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We are called upon with the whole Church militant on earth to join in praising and thanking God for the grace and glory he has bestowed on his saints. At the same time we earnestly implore Him to exert His almighty power and mercy in raising us from our miseries and sins, healing the disorders of our souls and leading us by the path of repentance to the company of His saints, to which He has called us.
   They were once what we are now, travellers on earth they had the same weaknesses, which we have. We have difficulties to encounter so had the saints, and many of them far greater than we can meet with; obstacles from kings and whole nations, sometimes from the prisons, racks and swords of persecutors. Yet they surmounted these difficulties, which they made the very means of their virtue and victories. It was by the strength they received from above, not by their own, that they triumphed. But the blood of Christ was shed for us as it was for them and the grace of our Redeemer is not wanting to us; if we fail, the failure is in ourselves.
   THE saints and just, from the beginning of time and throughout the world, who have been made perfect, everlasting monuments of God’s infinite power and clemency, praise His goodness without ceasing; casting their crowns before His throne they give to Him all the glory of their triumphs: “His gifts alone in us He crowns.”
“The saints must be honored as friends of Christ and children and heirs of God, as John the theologian and evangelist says: ‘But as many as received him, he gave them the power to be made the sons of God....’ Let us carefully observe the manner of life of all the apostles, martyrs, ascetics and just men who announced the coming of the Lord. And let us emulate their faith, charity, hope, zeal, life, patience under suffering, and perseverance unto death, so that we may also share their crowns of glory” Exposition of the Orthodox Faith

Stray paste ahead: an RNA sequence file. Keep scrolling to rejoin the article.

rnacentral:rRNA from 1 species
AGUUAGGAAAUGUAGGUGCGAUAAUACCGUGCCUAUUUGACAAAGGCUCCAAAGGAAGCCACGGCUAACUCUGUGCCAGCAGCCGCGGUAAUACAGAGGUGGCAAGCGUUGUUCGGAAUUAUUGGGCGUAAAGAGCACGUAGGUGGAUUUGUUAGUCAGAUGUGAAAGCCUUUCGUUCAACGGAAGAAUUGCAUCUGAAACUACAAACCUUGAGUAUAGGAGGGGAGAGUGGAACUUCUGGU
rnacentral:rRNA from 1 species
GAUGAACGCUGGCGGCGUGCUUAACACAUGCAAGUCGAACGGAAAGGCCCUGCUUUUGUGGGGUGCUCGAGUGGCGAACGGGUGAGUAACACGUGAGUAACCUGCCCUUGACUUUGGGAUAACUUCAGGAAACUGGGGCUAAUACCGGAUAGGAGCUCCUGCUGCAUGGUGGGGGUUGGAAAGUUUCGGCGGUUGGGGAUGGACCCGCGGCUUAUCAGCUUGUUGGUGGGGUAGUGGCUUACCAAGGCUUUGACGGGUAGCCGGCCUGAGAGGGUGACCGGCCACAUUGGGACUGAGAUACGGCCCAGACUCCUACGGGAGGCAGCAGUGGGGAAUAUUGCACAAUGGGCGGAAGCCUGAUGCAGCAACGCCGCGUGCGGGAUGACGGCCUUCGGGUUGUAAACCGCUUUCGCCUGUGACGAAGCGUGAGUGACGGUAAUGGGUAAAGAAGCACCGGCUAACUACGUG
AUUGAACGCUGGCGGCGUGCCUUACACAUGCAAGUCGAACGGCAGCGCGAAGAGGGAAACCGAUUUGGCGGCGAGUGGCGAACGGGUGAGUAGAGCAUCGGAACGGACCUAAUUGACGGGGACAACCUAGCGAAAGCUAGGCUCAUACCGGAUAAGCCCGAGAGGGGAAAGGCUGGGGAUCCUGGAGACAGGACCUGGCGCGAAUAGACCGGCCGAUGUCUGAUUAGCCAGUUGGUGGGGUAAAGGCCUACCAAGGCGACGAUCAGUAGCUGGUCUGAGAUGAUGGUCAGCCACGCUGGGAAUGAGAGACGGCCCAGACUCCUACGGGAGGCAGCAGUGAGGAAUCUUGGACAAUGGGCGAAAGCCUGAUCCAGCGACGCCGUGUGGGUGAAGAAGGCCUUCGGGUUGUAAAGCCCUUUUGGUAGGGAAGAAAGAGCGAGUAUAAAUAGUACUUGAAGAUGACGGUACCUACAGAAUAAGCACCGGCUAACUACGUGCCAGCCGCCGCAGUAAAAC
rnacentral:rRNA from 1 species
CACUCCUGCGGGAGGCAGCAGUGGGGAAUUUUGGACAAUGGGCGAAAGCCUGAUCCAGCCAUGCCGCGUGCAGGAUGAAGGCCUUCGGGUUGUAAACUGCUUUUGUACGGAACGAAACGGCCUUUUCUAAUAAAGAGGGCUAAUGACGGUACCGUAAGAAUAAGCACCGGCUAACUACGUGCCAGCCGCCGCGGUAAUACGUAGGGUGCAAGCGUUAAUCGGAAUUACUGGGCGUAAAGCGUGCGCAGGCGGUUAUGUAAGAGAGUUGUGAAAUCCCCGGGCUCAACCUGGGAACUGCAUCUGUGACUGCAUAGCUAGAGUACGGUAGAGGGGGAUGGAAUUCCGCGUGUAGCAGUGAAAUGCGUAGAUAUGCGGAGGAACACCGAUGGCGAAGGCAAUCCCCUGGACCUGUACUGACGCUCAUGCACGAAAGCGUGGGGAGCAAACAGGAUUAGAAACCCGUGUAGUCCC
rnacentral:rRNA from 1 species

Called in the Gospel the Mother of Jesus, Mary is acclaimed by Elizabeth, at the prompting of the Spirit and even before the birth of her son, as the Mother of my Lord (Lk 1:43; Jn 2:1; 19:25; cf. Mt 13:55; et al.). In fact, the One whom she conceived as man by the Holy Spirit, who truly became her Son according to the flesh, was none other than the Father's eternal Son,  the second person of the Holy Trinity.
Hence the Church confesses that Mary is truly Mother of God (Theotokos).
Catechism of the Catholic Church 495, quoting the Council of Ephesus (431): DS 251.
Nine First Fridays Devotion to the Sacred Heart ... From the writings of St. Margaret Mary Alacoque
On Friday during Holy Communion, He said these words to me, His unworthy slave, if I mistake not:
I promise you in the excessive mercy of my Heart that its all-powerful love will grant to all those who receive Holy Communion on nine first Fridays of consecutive months the grace of final repentance; they will not die under my displeasure or without receiving their sacraments, my divine Heart making itself their assured refuge at the last moment.
Margaret Mary was inspired by Christ to establish the Holy Hour and to pray lying prostrate with her face to the ground from eleven till midnight on the eve of the first Friday of each month, to share in the mortal sadness.
He endured when abandoned by His Apostles in His Agony, and to receive holy Communion on the first Friday of every month. In the first great revelation, He made known to her His ardent desire to be loved by men and His design of manifesting His Heart with all Its treasures of love and mercy, of sanctification and salvation.
He appointed the Friday after the octave of the feast of Corpus Christi as the feast of the Sacred Heart; He called her the Beloved Disciple of the Sacred Heart, and the heiress of all Its treasures. The love of the Sacred Heart was the fire which consumed her, and devotion to the Sacred Heart is the refrain of all her writings. In her last illness she refused all alleviation, repeating frequently: What have I in heaven and what do I desire on earth, but Thee alone, O my God, and died pronouncing the Holy Name of Jesus.